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Battery demand unlikely to pick up despite damage to cars

Keywords: Tags  Hurricane Sandy, secondary lead, lead battery production, auto batteries, Daniel Fitzgerald

NEW YORK — Secondary lead producers and battery manufacturers haven’t seen any increase in demand stemming from the damage caused by Hurricane Sandy last month, they said.

Despite estimates ranging as high as 250,000 cars destroyed by the storm, market participants contacted by AMM said they had yet to see what effect, if any, the storm would have on the industry.

"It’s a little premature. We haven’t seen much pickup there," one battery maker said. "We get regular forecasts from automotive companies, and we’re about where we expected to be for this time of year."

A second battery maker also hadn’t received any upgraded production forecasts from auto companies.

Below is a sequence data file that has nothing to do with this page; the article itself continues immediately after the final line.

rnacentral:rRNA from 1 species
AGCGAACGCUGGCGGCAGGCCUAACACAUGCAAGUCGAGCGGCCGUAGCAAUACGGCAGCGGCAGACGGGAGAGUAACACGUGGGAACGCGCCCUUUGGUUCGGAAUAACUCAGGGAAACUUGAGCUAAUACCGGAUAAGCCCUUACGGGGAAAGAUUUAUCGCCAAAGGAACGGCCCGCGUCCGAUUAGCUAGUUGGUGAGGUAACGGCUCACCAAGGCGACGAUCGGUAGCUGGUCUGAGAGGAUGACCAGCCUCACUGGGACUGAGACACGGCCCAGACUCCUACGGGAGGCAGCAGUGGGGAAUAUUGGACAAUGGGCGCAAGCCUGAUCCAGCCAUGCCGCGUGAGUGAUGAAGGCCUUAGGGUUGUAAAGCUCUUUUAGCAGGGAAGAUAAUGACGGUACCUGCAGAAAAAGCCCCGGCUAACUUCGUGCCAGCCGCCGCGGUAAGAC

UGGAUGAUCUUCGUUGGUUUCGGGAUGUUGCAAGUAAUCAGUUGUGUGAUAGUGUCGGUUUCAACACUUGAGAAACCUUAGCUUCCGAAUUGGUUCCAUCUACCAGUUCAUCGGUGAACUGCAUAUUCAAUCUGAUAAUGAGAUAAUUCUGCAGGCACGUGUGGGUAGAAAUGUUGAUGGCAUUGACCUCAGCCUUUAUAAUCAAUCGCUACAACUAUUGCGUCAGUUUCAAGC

Even if a large number of cars were destroyed in the storm, many brands of sealed batteries are designed to withstand engine flooding, one lead broker said, noting that some companies might try to repair and resell batteries extracted from cars entering the recycling stream.

"I don’t think it will make any large difference," he said. "Even if 250,000 people have to go out and buy a new car, which is unlikely, that’s still only a tiny boost to the market."

However, increased lead demand could be felt in other sectors as a result of Sandy. "A lot of utility and cellphone companies are saying that they need to install better backup systems," the lead broker said. "A lot of lead will go into those kinds of batteries."

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